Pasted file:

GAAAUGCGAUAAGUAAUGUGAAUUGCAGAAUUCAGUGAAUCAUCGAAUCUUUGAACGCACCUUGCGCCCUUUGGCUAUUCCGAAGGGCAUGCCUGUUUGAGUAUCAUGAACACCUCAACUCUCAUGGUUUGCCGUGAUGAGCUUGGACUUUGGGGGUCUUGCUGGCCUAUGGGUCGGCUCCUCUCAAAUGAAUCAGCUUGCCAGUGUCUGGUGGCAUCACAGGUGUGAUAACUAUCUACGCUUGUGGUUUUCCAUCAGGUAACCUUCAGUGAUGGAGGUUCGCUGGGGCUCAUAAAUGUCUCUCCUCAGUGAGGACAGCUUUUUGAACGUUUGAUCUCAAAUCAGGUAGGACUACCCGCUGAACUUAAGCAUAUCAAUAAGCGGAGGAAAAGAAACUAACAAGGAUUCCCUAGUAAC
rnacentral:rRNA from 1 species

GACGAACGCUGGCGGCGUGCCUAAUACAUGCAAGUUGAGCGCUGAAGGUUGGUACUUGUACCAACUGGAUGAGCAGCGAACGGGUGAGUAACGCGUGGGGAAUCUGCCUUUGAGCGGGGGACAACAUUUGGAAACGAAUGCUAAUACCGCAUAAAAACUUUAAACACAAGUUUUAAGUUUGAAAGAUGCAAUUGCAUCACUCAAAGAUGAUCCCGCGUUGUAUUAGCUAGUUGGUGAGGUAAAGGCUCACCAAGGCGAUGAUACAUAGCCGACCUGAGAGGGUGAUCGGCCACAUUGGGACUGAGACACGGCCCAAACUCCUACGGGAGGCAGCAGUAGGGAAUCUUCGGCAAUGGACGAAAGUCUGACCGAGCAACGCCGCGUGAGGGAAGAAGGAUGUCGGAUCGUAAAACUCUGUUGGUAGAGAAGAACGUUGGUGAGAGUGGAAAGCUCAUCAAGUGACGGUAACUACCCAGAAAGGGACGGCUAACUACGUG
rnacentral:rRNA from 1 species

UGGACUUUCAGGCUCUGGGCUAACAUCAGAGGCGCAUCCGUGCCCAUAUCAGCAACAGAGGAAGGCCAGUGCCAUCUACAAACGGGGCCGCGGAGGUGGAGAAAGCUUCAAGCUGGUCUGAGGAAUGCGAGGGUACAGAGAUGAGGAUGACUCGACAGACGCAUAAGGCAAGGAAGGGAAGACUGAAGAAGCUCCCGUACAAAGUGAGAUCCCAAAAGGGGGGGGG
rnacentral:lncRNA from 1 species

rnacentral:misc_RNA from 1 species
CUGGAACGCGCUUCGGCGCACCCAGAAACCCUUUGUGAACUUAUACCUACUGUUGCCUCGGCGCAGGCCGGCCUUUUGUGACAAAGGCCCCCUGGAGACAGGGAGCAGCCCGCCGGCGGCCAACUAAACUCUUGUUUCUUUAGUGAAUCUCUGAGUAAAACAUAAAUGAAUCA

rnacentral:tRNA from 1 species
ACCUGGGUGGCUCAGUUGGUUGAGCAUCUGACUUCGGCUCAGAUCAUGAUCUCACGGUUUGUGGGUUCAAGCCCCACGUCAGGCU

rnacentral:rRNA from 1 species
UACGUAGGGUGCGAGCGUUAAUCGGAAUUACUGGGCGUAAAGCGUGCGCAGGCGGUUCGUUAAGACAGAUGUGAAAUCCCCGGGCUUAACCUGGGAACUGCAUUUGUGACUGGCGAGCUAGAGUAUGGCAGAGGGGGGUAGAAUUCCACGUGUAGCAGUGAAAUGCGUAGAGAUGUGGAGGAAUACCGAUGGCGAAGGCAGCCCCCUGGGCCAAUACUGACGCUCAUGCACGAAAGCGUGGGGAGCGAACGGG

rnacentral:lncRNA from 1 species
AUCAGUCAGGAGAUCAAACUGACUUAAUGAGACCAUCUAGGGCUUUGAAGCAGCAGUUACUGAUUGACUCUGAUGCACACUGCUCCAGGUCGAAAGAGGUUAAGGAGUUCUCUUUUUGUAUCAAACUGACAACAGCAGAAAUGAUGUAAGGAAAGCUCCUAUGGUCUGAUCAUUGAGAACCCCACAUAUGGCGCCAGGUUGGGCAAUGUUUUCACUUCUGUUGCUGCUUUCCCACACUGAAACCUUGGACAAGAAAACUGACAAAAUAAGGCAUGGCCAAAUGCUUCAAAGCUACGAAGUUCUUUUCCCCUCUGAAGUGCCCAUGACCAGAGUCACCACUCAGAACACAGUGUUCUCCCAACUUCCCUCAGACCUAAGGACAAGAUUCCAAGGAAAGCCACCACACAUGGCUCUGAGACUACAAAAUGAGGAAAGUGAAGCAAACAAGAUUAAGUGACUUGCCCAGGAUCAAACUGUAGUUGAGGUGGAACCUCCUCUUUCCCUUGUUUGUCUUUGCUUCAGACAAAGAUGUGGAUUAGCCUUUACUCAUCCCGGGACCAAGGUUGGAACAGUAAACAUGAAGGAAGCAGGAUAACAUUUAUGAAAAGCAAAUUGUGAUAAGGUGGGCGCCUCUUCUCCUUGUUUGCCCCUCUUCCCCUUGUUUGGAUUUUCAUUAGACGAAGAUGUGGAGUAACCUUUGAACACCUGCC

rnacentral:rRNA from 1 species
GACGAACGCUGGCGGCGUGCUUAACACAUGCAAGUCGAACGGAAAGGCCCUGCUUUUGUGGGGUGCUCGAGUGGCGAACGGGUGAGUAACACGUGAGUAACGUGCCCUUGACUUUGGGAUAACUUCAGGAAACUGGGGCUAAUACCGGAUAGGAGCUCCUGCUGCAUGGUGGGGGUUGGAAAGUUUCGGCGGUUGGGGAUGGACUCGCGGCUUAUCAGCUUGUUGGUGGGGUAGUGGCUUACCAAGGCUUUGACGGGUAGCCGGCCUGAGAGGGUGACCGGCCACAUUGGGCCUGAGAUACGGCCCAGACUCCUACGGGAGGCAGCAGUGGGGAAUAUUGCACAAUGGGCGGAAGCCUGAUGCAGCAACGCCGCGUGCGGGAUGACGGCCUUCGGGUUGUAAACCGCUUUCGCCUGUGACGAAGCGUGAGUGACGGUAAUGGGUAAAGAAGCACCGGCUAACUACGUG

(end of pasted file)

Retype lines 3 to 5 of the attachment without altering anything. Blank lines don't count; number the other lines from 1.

GACGAACGCUGGCGGCGUGCCUAAUACAUGCAAGUUGAGCGCUGAAGGUUGGUACUUGUACCAACUGGAUGAGCAGCGAACGGGUGAGUAACGCGUGGGGAAUCUGCCUUUGAGCGGGGGACAACAUUUGGAAACGAAUGCUAAUACCGCAUAAAAACUUUAAACACAAGUUUUAAGUUUGAAAGAUGCAAUUGCAUCACUCAAAGAUGAUCCCGCGUUGUAUUAGCUAGUUGGUGAGGUAAAGGCUCACCAAGGCGAUGAUACAUAGCCGACCUGAGAGGGUGAUCGGCCACAUUGGGACUGAGACACGGCCCAAACUCCUACGGGAGGCAGCAGUAGGGAAUCUUCGGCAAUGGACGAAAGUCUGACCGAGCAACGCCGCGUGAGGGAAGAAGGAUGUCGGAUCGUAAAACUCUGUUGGUAGAGAAGAACGUUGGUGAGAGUGGAAAGCUCAUCAAGUGACGGUAACUACCCAGAAAGGGACGGCUAACUACGUG
rnacentral:rRNA from 1 species

UGGACUUUCAGGCUCUGGGCUAACAUCAGAGGCGCAUCCGUGCCCAUAUCAGCAACAGAGGAAGGCCAGUGCCAUCUACAAACGGGGCCGCGGAGGUGGAGAAAGCUUCAAGCUGGUCUGAGGAAUGCGAGGGUACAGAGAUGAGGAUGACUCGACAGACGCAUAAGGCAAGGAAGGGAAGACUGAAGAAGCUCCCGUACAAAGUGAGAUCCCAAAAGGGGGGGGG